It’s no secret NZ has breathtakingly beautiful landscape. The kind that will make you whisper “wow Masyallah” in amazement. Some of their more popular scenic spots are; Mount Cook and Milford Sound. No doubt that these are major tourist attractions, try heading here during the off-peak season. It’s going to be all the more worth it.
The view of Mt Cook on a good day.
For those who are more interested in the off the beaten track route, head to Wanaka. It’s just as beautiful and many tourists drive past this gem to head straight to Queenstown. Being only 2 hours away from Queenstown, it’s the place to head to if you’re interested in trying snowboarding/ skiing.
Credit: Jason Pratt on Flickr
One thing that I’ve been missing is being able to cook with incredibly crisp produce. I’m no chef but having such fresh vegetables, fruits, poultry and seafood made the inner Gordon Ramsay in me squeal in excitement. It was in NZ that I learnt how to appreciate quality food and made me develop an interest in cooking. Each dish felt like an experiment, adjusting a recipe to my liking and substituting an ingredient with whatever’s available. Most of the time my dishes were a tad too spicy for the average kiwi, I can never get enough chilli!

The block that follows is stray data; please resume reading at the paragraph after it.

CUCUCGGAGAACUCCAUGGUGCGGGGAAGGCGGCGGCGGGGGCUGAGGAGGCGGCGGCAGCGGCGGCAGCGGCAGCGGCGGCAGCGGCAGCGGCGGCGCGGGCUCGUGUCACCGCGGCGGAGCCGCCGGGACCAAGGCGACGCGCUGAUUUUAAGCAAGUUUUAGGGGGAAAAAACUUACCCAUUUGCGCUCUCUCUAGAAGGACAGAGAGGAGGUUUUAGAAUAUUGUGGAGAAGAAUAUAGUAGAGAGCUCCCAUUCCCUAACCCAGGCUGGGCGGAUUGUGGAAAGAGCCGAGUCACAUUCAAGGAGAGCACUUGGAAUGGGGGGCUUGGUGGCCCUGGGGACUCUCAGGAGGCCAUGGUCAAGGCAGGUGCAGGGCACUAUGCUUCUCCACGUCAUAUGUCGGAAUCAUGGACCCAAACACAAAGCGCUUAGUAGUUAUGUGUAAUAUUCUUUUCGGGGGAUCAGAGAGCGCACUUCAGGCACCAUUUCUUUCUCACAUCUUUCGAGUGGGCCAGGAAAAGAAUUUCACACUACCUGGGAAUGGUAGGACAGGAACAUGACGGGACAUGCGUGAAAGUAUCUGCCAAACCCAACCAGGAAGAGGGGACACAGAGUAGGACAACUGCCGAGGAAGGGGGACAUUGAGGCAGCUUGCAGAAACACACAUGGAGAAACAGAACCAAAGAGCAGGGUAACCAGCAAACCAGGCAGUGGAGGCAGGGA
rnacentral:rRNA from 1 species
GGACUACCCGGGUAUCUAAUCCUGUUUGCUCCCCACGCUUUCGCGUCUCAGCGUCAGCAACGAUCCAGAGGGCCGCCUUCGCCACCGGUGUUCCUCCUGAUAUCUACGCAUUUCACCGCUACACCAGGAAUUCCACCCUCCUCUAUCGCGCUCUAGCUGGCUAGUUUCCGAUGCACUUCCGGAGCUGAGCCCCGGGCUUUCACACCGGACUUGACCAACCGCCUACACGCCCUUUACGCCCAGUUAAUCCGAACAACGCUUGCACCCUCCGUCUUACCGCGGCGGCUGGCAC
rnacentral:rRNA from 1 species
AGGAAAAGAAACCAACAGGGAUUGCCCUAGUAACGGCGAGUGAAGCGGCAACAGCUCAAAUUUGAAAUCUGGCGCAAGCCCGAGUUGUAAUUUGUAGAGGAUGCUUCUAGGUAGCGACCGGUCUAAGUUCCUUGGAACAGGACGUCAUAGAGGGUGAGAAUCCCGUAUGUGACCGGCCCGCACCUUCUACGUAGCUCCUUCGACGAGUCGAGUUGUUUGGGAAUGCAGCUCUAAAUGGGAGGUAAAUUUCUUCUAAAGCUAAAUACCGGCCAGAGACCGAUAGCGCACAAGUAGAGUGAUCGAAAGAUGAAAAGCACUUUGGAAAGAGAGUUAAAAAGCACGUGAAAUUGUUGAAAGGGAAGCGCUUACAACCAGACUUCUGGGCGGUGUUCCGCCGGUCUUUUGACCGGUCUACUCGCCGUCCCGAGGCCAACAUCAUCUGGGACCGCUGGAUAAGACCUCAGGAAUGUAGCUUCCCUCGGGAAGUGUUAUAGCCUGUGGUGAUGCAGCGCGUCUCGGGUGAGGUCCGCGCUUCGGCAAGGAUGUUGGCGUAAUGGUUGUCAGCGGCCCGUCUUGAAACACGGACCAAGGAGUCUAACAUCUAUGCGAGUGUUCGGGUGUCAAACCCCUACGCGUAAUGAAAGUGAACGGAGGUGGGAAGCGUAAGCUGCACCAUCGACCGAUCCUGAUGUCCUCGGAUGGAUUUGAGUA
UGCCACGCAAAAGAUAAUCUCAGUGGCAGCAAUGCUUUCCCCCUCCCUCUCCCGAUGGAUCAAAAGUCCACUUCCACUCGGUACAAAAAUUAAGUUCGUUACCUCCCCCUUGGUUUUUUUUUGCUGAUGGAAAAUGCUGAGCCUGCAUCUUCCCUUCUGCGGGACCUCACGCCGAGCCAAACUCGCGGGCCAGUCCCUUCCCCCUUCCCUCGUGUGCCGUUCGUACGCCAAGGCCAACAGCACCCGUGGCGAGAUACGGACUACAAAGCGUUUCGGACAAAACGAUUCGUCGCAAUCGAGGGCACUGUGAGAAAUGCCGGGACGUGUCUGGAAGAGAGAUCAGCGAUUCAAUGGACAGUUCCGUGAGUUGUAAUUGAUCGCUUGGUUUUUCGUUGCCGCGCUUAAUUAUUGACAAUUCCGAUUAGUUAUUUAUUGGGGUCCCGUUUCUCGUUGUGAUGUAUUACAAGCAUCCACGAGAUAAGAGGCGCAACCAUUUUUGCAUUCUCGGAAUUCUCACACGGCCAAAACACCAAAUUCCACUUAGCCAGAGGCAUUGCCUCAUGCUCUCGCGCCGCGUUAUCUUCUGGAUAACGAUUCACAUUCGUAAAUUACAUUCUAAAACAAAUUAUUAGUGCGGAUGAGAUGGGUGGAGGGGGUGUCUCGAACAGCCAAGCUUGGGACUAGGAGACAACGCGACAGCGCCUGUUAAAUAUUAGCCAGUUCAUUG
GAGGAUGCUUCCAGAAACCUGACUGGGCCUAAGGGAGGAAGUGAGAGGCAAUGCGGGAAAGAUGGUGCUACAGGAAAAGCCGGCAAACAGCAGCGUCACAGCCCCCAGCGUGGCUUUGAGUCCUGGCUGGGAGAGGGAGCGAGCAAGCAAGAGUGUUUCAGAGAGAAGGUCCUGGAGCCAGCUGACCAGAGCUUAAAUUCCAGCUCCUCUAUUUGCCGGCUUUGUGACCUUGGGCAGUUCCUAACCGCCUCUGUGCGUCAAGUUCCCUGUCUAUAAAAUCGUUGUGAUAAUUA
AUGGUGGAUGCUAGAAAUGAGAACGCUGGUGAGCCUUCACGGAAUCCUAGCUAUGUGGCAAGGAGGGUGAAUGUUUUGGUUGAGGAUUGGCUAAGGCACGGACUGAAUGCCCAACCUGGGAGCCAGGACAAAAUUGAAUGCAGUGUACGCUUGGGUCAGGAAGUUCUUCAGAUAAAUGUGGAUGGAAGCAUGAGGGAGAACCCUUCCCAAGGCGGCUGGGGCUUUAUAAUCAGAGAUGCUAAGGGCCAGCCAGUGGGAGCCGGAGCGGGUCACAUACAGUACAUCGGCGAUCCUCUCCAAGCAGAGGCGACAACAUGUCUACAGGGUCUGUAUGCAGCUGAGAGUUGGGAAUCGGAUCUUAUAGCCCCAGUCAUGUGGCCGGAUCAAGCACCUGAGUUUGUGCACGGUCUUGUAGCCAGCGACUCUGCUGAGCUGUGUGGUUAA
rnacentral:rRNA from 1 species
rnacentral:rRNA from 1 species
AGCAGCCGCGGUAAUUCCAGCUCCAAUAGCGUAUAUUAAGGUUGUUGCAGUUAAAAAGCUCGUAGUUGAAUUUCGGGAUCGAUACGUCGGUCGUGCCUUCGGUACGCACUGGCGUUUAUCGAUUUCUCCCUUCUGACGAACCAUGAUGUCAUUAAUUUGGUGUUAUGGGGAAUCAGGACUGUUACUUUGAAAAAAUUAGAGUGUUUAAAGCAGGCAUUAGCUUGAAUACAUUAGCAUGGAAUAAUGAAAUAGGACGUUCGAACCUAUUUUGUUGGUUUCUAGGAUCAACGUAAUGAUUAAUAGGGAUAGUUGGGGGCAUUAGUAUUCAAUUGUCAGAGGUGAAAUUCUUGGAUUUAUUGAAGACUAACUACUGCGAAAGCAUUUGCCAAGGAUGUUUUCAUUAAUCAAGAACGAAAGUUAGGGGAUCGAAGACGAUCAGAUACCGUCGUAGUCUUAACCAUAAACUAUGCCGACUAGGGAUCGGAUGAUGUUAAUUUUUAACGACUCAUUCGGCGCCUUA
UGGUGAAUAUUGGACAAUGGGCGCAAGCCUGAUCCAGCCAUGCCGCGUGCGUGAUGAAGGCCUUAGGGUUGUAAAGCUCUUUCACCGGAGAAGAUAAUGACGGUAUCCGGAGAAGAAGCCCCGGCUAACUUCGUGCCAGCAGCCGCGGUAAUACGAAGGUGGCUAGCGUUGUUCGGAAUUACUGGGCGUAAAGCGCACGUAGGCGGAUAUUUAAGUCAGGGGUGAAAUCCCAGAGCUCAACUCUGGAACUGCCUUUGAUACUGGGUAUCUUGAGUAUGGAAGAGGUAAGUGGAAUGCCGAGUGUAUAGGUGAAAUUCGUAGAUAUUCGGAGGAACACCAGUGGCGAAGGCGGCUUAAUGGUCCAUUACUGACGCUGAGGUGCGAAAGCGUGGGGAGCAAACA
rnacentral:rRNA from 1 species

Kitchen, my favourite part of each hostel.
Look at the price of chilli!
5. Road Trips
Probably one of the main highlights in NZ, going on road trips (or roadies)! Heading to NZ alone without a license was a bad decision. Renting a car/ camper van is much more convenient rather than having to depend on public/ inter-city buses. It gives you much more flexibility and freedom if you have your own vehicle. I relied heavily on the people I met along the way for road trips. It’s always a gamble if you do it this way, trust your instincts and stay safe!
Credits: Pete KJ on Flickr
Going on road trips with new friends were refreshing, being able to learn about the vastly different lifestyles broadens your perspective. Literally experiencing the road less travelled, pays off. There are loads of camper van sites which allows you to park overnight, without having to pay for anything.
6. Outdoor Adventure
NZ is the land of the outdoors. You wouldn’t have to be an adrenaline rushing addict to appreciate the activities picturesque NZ has to offer.